I felt like I had a lot of useful information to share with others. At first this sharing was all about ideas and research that I shared with my colleagues, and I guess, since I was pretty successful at that, I grew more confidant. Later, as my clinical skills were honed, I realized I had more important things I wanted to convey than the academic stuff. I was in possession of a lot of practical and useful information and techniques that were not widely available, and I decided that writing for the public would be the best way I could leverage my clinical talents and knowledge to help the most people. It has been very rewarding to hear from the advance reviewers that they found this or that technique helpful.
What inspired your book?
My clients inspired it that is for sure. Many of the techniques I introduce in Overcoming Anxiety are available in other books and websites, but what I felt the need to share in my book were the modifications that made these skills more helpful and effective, based on the input that I was getting from my own clients. I hope that by encouraging people who are dealing with anxiety to customize and tailor these techniques to their own interests and sensibilities, they will be more likely to make good use of the tools that can work.
How long have you been publishing your work?
As a psychologist, I began writing professionally while I was still in college, and by the time I was on the faculty at the University of Chicago (as a Clinical Associate Professor in the Department of Psychiatry), I had over 80 papers that I had presented or published. I got royalties for some, like the Multiscore Depression Inventory, but most of those early papers were for other mental health professionals and were typically published in peer reviewed psychiatry and psychology journals.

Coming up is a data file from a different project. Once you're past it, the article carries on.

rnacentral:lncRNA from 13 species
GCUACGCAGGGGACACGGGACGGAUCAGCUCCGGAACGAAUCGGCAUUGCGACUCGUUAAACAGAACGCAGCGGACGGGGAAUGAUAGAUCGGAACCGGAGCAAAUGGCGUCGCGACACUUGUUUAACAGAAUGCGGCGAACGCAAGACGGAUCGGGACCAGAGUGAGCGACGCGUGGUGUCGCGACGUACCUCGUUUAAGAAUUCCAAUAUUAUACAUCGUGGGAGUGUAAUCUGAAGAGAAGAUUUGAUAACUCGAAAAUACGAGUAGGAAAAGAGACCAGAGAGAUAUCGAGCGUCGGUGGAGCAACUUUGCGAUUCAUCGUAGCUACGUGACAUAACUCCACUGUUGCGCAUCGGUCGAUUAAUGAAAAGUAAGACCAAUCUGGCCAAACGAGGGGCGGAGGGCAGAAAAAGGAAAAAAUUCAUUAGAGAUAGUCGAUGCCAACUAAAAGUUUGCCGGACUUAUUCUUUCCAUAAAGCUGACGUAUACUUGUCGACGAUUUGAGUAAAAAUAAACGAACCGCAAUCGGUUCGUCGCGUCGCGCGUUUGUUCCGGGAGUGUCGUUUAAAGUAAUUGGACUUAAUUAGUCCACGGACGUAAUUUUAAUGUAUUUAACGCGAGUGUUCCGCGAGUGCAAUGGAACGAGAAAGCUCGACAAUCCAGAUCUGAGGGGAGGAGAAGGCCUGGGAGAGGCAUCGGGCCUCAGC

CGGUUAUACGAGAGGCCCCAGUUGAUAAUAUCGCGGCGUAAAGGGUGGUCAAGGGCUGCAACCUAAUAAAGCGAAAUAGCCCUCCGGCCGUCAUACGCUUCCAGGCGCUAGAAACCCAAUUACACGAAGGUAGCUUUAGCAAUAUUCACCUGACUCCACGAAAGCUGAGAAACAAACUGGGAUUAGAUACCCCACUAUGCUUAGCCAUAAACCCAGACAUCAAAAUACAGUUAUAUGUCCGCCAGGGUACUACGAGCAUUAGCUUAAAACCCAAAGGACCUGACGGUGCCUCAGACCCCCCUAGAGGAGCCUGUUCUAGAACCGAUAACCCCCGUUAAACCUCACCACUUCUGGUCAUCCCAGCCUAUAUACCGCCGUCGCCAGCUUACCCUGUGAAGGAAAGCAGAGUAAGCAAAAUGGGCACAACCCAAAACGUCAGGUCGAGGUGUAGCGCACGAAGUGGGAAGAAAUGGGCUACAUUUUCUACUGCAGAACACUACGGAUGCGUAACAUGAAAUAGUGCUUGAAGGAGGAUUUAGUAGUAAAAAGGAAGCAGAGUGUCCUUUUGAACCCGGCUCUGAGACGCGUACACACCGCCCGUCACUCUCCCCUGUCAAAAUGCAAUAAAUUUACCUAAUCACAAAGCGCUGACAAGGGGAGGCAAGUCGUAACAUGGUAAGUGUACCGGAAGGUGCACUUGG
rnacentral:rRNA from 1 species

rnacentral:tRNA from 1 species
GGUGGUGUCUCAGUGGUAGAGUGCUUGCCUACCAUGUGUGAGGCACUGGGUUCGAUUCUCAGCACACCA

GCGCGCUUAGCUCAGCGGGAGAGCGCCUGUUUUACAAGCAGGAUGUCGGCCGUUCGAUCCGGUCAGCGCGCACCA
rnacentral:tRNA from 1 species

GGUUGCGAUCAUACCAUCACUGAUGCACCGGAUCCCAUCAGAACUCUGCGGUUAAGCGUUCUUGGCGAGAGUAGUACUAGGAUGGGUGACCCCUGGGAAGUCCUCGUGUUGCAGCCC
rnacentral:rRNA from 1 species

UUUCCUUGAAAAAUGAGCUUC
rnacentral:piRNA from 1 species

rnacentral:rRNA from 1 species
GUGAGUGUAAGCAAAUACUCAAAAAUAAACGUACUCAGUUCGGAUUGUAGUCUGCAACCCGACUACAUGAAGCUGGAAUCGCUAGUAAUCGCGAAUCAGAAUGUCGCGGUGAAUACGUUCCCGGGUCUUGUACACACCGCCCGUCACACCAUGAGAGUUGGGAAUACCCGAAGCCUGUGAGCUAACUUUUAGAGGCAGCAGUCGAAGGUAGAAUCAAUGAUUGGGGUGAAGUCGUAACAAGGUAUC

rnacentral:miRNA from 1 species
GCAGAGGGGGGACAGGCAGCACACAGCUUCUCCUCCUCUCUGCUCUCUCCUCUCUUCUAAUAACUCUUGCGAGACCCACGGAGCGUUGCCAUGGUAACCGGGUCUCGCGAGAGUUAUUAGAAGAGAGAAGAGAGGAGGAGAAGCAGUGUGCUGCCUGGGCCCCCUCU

I got to speak at fun places like Brazil and Paris, but there was not really much in the way of actual financial reward. I only recently began writing for the average person (reader), and, as such, Overcoming Anxiety was the first book I published that was for this wider audience.
What’s your writing environment like?
I write everywhere: at a desk in my private practice, at home, in Starbucks ™ and I often write with two lap dogs (dachshunds) curled up at my feet. I have editors and peers who help with the revisions, but I pretty much handle the dogs myself.
What projects are you currently working on?
The book Overcoming Anxiety is the first book in a series of mental health books I am writing for the Psychology Knowledge Mental Health series. The next book, which I'm finishing up soon (it is due for release in late October) is on Special Topics in Anxiety. I have another coming out after that on managing anger, and after that one on Complex PTSD.
David J. Berndt, Ph.D. was an Associate Clinical Professor of Psychiatry at the University of Chicago where he published or presented over 80 papers and articles before establishing a private practice. Dr Berndt currently lives in Charleston, S.C. where he also teaches in an adjunct capacity at the College of Charleston. He is best known for his psychological tests TheMultiscore Depression Inventory, and the Multiscore Depression Inventory for Children, both from Western Psychological Services. He also contributes to several psychology websites including www.psychologyknowledge.com.
Overcoming Anxiety is available on AMAZON: http://amzn.to/1hdpM0F